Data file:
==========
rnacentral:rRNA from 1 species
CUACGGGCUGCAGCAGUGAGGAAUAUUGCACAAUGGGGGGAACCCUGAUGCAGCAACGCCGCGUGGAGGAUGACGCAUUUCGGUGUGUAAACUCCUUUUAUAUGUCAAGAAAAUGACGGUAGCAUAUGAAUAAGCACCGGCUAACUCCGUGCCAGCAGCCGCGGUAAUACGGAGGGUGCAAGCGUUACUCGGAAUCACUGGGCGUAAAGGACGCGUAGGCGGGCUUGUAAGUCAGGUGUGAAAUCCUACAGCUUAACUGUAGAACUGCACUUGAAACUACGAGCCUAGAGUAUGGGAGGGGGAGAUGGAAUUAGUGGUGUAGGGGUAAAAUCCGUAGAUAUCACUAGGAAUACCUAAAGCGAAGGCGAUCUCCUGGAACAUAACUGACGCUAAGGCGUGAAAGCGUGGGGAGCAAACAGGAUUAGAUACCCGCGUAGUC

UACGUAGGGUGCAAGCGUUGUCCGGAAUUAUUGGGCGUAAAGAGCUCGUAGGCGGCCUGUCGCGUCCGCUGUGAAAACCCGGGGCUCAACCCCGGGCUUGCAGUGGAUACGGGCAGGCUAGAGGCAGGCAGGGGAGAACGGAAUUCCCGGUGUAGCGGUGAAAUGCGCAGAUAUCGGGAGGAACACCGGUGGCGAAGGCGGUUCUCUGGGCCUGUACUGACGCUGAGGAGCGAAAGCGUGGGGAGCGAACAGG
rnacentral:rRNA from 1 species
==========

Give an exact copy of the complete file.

rnacentral:rRNA from 1 species
CUACGGGCUGCAGCAGUGAGGAAUAUUGCACAAUGGGGGGAACCCUGAUGCAGCAACGCCGCGUGGAGGAUGACGCAUUUCGGUGUGUAAACUCCUUUUAUAUGUCAAGAAAAUGACGGUAGCAUAUGAAUAAGCACCGGCUAACUCCGUGCCAGCAGCCGCGGUAAUACGGAGGGUGCAAGCGUUACUCGGAAUCACUGGGCGUAAAGGACGCGUAGGCGGGCUUGUAAGUCAGGUGUGAAAUCCUACAGCUUAACUGUAGAACUGCACUUGAAACUACGAGCCUAGAGUAUGGGAGGGGGAGAUGGAAUUAGUGGUGUAGGGGUAAAAUCCGUAGAUAUCACUAGGAAUACCUAAAGCGAAGGCGAUCUCCUGGAACAUAACUGACGCUAAGGCGUGAAAGCGUGGGGAGCAAACAGGAUUAGAUACCCGCGUAGUC

UACGUAGGGUGCAAGCGUUGUCCGGAAUUAUUGGGCGUAAAGAGCUCGUAGGCGGCCUGUCGCGUCCGCUGUGAAAACCCGGGGCUCAACCCCGGGCUUGCAGUGGAUACGGGCAGGCUAGAGGCAGGCAGGGGAGAACGGAAUUCCCGGUGUAGCGGUGAAAUGCGCAGAUAUCGGGAGGAACACCGGUGGCGAAGGCGGUUCUCUGGGCCUGUACUGACGCUGAGGAGCGAAAGCGUGGGGAGCGAACAGG
rnacentral:rRNA from 1 species